If you were to ask me yesterday how you would use 3D printing to cure cancer I probably would have guessed that you would 3D print heavy objects and throw them at cancer patients hoping it would spontaneously cure them. But, thankfully, I’m neither a medical doctor nor a cancer researcher because what they came up with is a much more effective use of the technology.
A group of British researchers from the Institute of Cancer Research in London have 3D printed replicas of cancerous body parts using CT scans and are using them to better target the tumors with more effective treatments. The researchers fill the 3D printed replicas with liquid so they can track how it flows through the affected area of the body. The liquid represents a new type of cancer fighting drug called radiopharmaceuticals.
The interest in radiopharmaceuticals was started by a new prostate cancer treatment called Xofigo. Radiopharmaceuticals are drug solutions containing very specific amounts of radioactive material that can be ingested as a pill, injected intravenously or placed directly in the affected area via surgery. The radioactive material needs to be strictly controlled to ensure that the amount used will only kill the cancerous material without causing any permanent damage to the rest of the patients body.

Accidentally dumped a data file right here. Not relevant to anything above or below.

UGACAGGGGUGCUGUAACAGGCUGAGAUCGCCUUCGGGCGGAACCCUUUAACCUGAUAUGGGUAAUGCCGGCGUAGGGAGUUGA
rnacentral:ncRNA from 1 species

The head of radioisotope physics for the Institute of Cancer Research in London believes that by tracking the drugs movement through the replica tissue, doctors can optimise the doses causing the maximum amount of damage to the cancer cells without harming the surrounding tissue. “If we personalize treatment according to the radiation dose delivered to the tumor, then we should have a better outcome,” he explained. “I think it will have a huge impact.”
3D printing technology has applications for virtually every major industry in the world, including the aerospace, automotive, manufacturing, product development and jewelry industries. And as large of an impact as it is having on those types of business, the potential impact for medical applications is almost limitless. While there may not be a cure for cancer in our lifetimes, thanks to a Stratasys 3D printer it may help doctors prevent it from taking away more of our loved ones.